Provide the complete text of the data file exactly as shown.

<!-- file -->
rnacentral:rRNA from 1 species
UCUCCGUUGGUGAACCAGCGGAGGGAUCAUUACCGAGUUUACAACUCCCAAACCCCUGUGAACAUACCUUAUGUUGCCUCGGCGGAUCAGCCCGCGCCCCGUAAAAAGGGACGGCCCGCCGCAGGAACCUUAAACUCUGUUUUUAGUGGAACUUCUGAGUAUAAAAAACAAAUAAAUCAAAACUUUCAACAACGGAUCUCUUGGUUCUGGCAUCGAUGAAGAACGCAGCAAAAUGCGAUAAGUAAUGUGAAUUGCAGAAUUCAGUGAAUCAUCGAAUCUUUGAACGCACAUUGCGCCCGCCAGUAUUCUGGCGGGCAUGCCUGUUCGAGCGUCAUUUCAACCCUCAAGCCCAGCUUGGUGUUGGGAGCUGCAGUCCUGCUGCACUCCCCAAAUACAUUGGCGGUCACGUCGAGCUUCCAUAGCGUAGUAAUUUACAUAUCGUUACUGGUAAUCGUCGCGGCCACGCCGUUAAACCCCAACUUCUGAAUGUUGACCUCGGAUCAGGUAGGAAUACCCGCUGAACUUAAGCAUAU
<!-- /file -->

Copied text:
rnacentral:rRNA from 1 species
UCUCCGUUGGUGAACCAGCGGAGGGAUCAUUACCGAGUUUACAACUCCCAAACCCCUGUGAACAUACCUUAUGUUGCCUCGGCGGAUCAGCCCGCGCCCCGUAAAAAGGGACGGCCCGCCGCAGGAACCUUAAACUCUGUUUUUAGUGGAACUUCUGAGUAUAAAAAACAAAUAAAUCAAAACUUUCAACAACGGAUCUCUUGGUUCUGGCAUCGAUGAAGAACGCAGCAAAAUGCGAUAAGUAAUGUGAAUUGCAGAAUUCAGUGAAUCAUCGAAUCUUUGAACGCACAUUGCGCCCGCCAGUAUUCUGGCGGGCAUGCCUGUUCGAGCGUCAUUUCAACCCUCAAGCCCAGCUUGGUGUUGGGAGCUGCAGUCCUGCUGCACUCCCCAAAUACAUUGGCGGUCACGUCGAGCUUCCAUAGCGUAGUAAUUUACAUAUCGUUACUGGUAAUCGUCGCGGCCACGCCGUUAAACCCCAACUUCUGAAUGUUGACCUCGGAUCAGGUAGGAAUACCCGCUGAACUUAAGCAUAU